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Unique factoring over E-Primes criteria

  1. Jan 18, 2016 #1

    RJLiberator

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    1. The problem statement, all variables and given/known data
    Let E denote the set of positive even integers. An element p ∈ E is called an E-prime if p cannot be written as a product of two elements of E. Determine a simple criteria for when elements of E can be uniquely factored into a product of E-primes.

    2. Relevant equations
    Some E-primes from my understanding: 2, 6, 10, 14, 18, 22, 26, 30, 34, 38, 42, 46, 50
    Some terms that can be uniquely factored into e-primes: 4, 12, 20, 28, 44, 52

    3. The attempt at a solution
    I've spent much more time on this problem then I should have.

    I can clearly see that all terms that can be uniquely factored into e-primes must be divisible by 4.
    It seems like there is a common ratio of 8 between terms until we get to terms 36 and 60. 36 can be factored into 6*6 and 18*2 while 60 can be factored into 6*10 and 30*2. So these are clearly not unique.

    All the terms that can be uniquely factored can not be divisible by 8, that makes sense since 8 = 4*2.

    But beyond this, I don't really know what it means by criteria? Should I spit out an equation like 4+8n for n=all integers except 4,7,10,13,...
     
  2. jcsd
  3. Jan 18, 2016 #2

    Samy_A

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    You have established that an e-prime is divisible by 4 and not divisible by 8.
    So if e is an e-prime, e=2².f, where f is an odd number.
    What condition(s) does f have to satisfy in order for the factoring to be unique? What can you tell about the prime factors of f?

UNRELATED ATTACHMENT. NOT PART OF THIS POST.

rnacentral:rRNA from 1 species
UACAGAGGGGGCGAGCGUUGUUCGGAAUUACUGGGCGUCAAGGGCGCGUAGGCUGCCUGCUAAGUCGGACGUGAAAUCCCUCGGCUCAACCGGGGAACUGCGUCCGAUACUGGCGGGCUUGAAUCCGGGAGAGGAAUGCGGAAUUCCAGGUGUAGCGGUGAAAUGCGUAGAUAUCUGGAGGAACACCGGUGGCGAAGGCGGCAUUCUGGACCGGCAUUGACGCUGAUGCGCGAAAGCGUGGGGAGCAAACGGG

4. Jan 18, 2016 #3

    RJLiberator

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    Well, the terms that can be factored into e-primes are divisible by 4 and not divisible by 8.
    The e-primes are not divisible by 8 as well, but can not be divisible by 4.

    I'm not quite sure this holds. Let's see, E-primes are: 6, 10, 14, 18, but that doesn't quite fit into the equation.

    :/
     
  5. Jan 18, 2016 #4

    Samy_A

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    Yes, I was wrong, sorry.

    An e-prime e=2.f, where f is odd.
    A product of two e-primes is 4.f.g (f and g odd).
    How can you guarantee that this factoring in e-primes is unique?
     
    Last edited: Jan 18, 2016
  6. Jan 18, 2016 #5

    RJLiberator

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    That makes a lot of sense to me.

    So since we can define an e-prime to be e = 2*f where f is odd.
    And we see that the produce of two eprimes is e*e = 2*f*2*g = 4*f*g

    We can guarantee that this factoring is unique when f or g is a prime number and the other is 1.

    For example. If we were to let g and f both be prime numbers, say 7 and 5, then 4*7*5 = 140 which does NOT have a unique e-prime factorization as 2*70 (both eprimes) and 10*14 (both eprimes). So f and g can't both be prime numbers.
    Now, if we let one of them be prime and the other be, even this also doesn't work. Take for example 13*4*2 we get 104 which does NOT have a unique e-prime factorization.


    So in conclusion,
    products of two eprimes occur when 4*f*g where f is a prime number and g is 1. or more simply, 4*f where f is a prime number.
     
  7. Jan 18, 2016 #6

    Samy_A

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    Looks good. f can also be 1.
     
  8. Jan 18, 2016 #7

    RJLiberator

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    Indeed! Thank you for your help, Samy_A.
     
  9. Jan 18, 2016 #8

    Samy_A

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    You are welcome. Sorry for the confusion in my first post.
     
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